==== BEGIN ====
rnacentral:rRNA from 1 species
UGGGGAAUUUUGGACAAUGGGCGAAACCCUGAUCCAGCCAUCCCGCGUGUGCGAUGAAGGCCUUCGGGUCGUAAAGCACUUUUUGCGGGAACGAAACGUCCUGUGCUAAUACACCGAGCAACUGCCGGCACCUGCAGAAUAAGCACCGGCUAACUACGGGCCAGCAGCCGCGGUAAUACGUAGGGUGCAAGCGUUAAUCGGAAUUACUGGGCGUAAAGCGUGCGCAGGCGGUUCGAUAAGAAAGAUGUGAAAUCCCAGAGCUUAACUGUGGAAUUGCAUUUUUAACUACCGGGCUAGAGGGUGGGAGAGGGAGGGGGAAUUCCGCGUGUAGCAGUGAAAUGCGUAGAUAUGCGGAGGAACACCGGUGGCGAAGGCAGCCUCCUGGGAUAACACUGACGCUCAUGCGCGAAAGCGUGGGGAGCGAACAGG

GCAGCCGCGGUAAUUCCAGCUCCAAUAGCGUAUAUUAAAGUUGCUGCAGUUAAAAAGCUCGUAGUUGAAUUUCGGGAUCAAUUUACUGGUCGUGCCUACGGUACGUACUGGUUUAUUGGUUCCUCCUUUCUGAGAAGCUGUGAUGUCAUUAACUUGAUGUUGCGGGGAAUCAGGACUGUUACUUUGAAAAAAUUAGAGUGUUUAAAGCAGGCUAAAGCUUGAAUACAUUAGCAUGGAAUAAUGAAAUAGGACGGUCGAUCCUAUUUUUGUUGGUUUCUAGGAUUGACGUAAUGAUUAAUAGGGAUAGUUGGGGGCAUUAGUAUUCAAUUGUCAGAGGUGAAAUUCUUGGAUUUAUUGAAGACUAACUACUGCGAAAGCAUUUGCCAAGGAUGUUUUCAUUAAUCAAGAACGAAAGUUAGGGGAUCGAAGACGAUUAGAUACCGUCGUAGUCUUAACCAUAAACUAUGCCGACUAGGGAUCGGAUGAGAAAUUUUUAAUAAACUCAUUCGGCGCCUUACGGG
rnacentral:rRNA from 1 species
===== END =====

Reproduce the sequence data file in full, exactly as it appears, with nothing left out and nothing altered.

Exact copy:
rnacentral:rRNA from 1 species
UGGGGAAUUUUGGACAAUGGGCGAAACCCUGAUCCAGCCAUCCCGCGUGUGCGAUGAAGGCCUUCGGGUCGUAAAGCACUUUUUGCGGGAACGAAACGUCCUGUGCUAAUACACCGAGCAACUGCCGGCACCUGCAGAAUAAGCACCGGCUAACUACGGGCCAGCAGCCGCGGUAAUACGUAGGGUGCAAGCGUUAAUCGGAAUUACUGGGCGUAAAGCGUGCGCAGGCGGUUCGAUAAGAAAGAUGUGAAAUCCCAGAGCUUAACUGUGGAAUUGCAUUUUUAACUACCGGGCUAGAGGGUGGGAGAGGGAGGGGGAAUUCCGCGUGUAGCAGUGAAAUGCGUAGAUAUGCGGAGGAACACCGGUGGCGAAGGCAGCCUCCUGGGAUAACACUGACGCUCAUGCGCGAAAGCGUGGGGAGCGAACAGG

GCAGCCGCGGUAAUUCCAGCUCCAAUAGCGUAUAUUAAAGUUGCUGCAGUUAAAAAGCUCGUAGUUGAAUUUCGGGAUCAAUUUACUGGUCGUGCCUACGGUACGUACUGGUUUAUUGGUUCCUCCUUUCUGAGAAGCUGUGAUGUCAUUAACUUGAUGUUGCGGGGAAUCAGGACUGUUACUUUGAAAAAAUUAGAGUGUUUAAAGCAGGCUAAAGCUUGAAUACAUUAGCAUGGAAUAAUGAAAUAGGACGGUCGAUCCUAUUUUUGUUGGUUUCUAGGAUUGACGUAAUGAUUAAUAGGGAUAGUUGGGGGCAUUAGUAUUCAAUUGUCAGAGGUGAAAUUCUUGGAUUUAUUGAAGACUAACUACUGCGAAAGCAUUUGCCAAGGAUGUUUUCAUUAAUCAAGAACGAAAGUUAGGGGAUCGAAGACGAUUAGAUACCGUCGUAGUCUUAACCAUAAACUAUGCCGACUAGGGAUCGGAUGAGAAAUUUUUAAUAAACUCAUUCGGCGCCUUACGGG
rnacentral:rRNA from 1 species